Her crime? She had been accused of brushing against a man's hand in a market while she was paying for food to feed her family.
Of the 6,000 refugee children that arrived in the UK last year, Maryam is one of the 2,000 who made the long and dangerous journey alone alone, without her parents to protect her.
She felt she had no choice but to flee the country after a jihadist from terrorist organisation Al Shabaab questioned her as to why she'd touched a stranger's hand when they were not married.
"They told me I was a bad person and they had to kill me," explains Maryam, who is still too scared to reveal her identity in case the jihadists recognise her.
"In my country, the ladies are used like animals. Girls cannot go out alone or talk to anyone or they will be told 'we will kill you' or 'we will cut off your hand and head'. Every lady worries about that."
Death threats and drowning
Fearing for her life, she fled to Egypt where she paid traffickers to take her by boat across the Mediterranean sea.
"There were 90 people on my boat and we were in the sea for seven days," Maryam says. "Some people died with hunger, some died of thirst.
"Between Italy and Egypt the boat broke. I was in the middle of the sea, I couldn't see any trees or houses," Maryam says. "That day I lost my best friend. She died when we started to swim."
Maryam was spotted by an Italian helicopter and was then picked up by boat and taken to hospital in Naples. After a few weeks, she found another trafficker who smuggled her to the UK.
Today is World Refugee Day and a new Channel 4 documentary looks at the individual journeys of seven young people, like Maryam, who have fled conflict and made it to Britain.
Smuggled children who arrive in UK are firstly directed to the police to provide personal details including name, age and nationality, before being passed on to local authorities and then into care.
Maryam applied for asylum as soon as she arrived in the UK and spent ten terrifying months worrying about being sent back home to her death.
In the documentary, we watch her break down in tears of joy when she is told she's finally been granted refugee status by her social worker. And while her case is tragic, it's just one of thousands.
The long and dangerous journey
Looking at Abdul and Rawan's smiling faces as they play on the street outside their home in Newport, Wales, you'd never believe the ordeal they'd endured just a few months earlier.
Abdul, a disabled 10-year-old boy from Syria, travelled from his homeland to Newport, Wales, with his mum, dad and two sisters, Rawan and Jinna, last year.
The family lived just outside Aleppo and stayed in their home for the first four years of the war – but as fighting intensified, they decided to flee.
Abdul, who suffers from a muscle deterioration disorder, was just eight when the family started their journey two years ago and were smuggled into Turkey by traffickers.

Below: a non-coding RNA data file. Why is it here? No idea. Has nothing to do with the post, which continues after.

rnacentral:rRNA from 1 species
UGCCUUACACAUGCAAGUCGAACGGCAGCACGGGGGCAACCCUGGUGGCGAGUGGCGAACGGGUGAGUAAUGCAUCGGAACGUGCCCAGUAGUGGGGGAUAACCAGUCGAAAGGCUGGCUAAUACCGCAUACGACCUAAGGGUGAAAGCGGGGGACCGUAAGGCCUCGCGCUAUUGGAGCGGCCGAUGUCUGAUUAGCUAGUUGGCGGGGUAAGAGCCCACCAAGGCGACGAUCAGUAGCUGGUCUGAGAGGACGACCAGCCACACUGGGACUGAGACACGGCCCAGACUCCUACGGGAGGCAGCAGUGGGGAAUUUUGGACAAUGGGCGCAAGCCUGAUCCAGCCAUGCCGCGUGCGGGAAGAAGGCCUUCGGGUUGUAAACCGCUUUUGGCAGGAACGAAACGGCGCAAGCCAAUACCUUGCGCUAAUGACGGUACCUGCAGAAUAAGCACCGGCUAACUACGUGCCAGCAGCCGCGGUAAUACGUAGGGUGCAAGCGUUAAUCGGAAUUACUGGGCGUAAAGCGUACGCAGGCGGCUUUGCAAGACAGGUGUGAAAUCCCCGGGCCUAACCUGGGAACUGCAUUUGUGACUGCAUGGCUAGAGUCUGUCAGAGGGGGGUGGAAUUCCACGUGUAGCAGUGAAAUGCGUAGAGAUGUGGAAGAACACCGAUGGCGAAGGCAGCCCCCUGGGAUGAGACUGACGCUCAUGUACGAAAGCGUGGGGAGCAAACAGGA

"I was in the wheelchair. It was really difficult," Abdul recalls. "I didn't know we were going to stay there. I thought it was just for a visit and then we'd head home again."
The family were then forced to remain in Turkey for almost two years before they flew to the UK.
Refugee crisis: The facts
- Of the children who arrived in Britain alone last year, only 40% were granted asylum.
- Last year, 362,376 people arrived in Europe via sea. Just under half were women and children.
- Already this year 646 men, women and children have lost their lives during their desperate attempt to cross the Mediterranean Sea.
- In March this year, the Refugee Council found 58 children were locked up in immigration detention, despite a Government promise in 2010 to end the practice.
- The number of Syrians who have sought asylum in Britain since the conflict began stands at just 10,774. That’s just 0.01% of Syria’s refugees.
Abdul and his family had already been given British refugee status before they landed.
Now, just a mere few months after arriving on Welsh soil, life is very different for them.
The children have all joined school and a delighted Abdul has made loads of mates who spend their break time pushing him around in his wheelchair – a scene very different to his school life in Aleppo where children had to stay inside.
But for many others, the arrival in the UK is much more difficult.
Tearing families apart
Mohammed left Syria when he was still a teenager and before the rest of his family. He made it as far as Bulgaria before he was detained in a refugee camp.
By the time Mohammed, now 20, was released and made it to England, the rest of his family had fled Aleppo and arrived in the UK where they'd been granted refugee status.
In tragic scenes, Mohammed's family are told he cannot seek asylum in the UK with the rest of his family.
Because Mohammed was granted refugee status in Bulgaria, that is where he has to remain.
On news that he's detained by the Home Office, the cameras film his hysterical parents as they realise they have no control over keeping their son close.
Omar, 17, fled Syria alone a year ago to join his brother who had already claimed refugee status in Cardiff.
"I left Syria because it's not a safe country. You're scared all the time. I'ts so bad now. It's not safe, ever," Omar explains.
But his journey was a long and dangerous one through Europe.
Once he made it to Belgium, Omar hid inside the back of a lorry and got into UK – six months after leaving Syria.
Omar now awaits a decision from the Home Office as to whether he can stay in the UK – in the meantime, he faces the threat of being deported back to Syria.
Speaking about his family, Omar says: "I speak to them sometimes, but I'm afraid for them. They are in danger. When they call me they tell me there are bombs. It's not safe. I miss them. I have my brother here but it's not enough. I need my mother and father."
Britain's Refugee Children airs Thursday at 9pm on Channel 4
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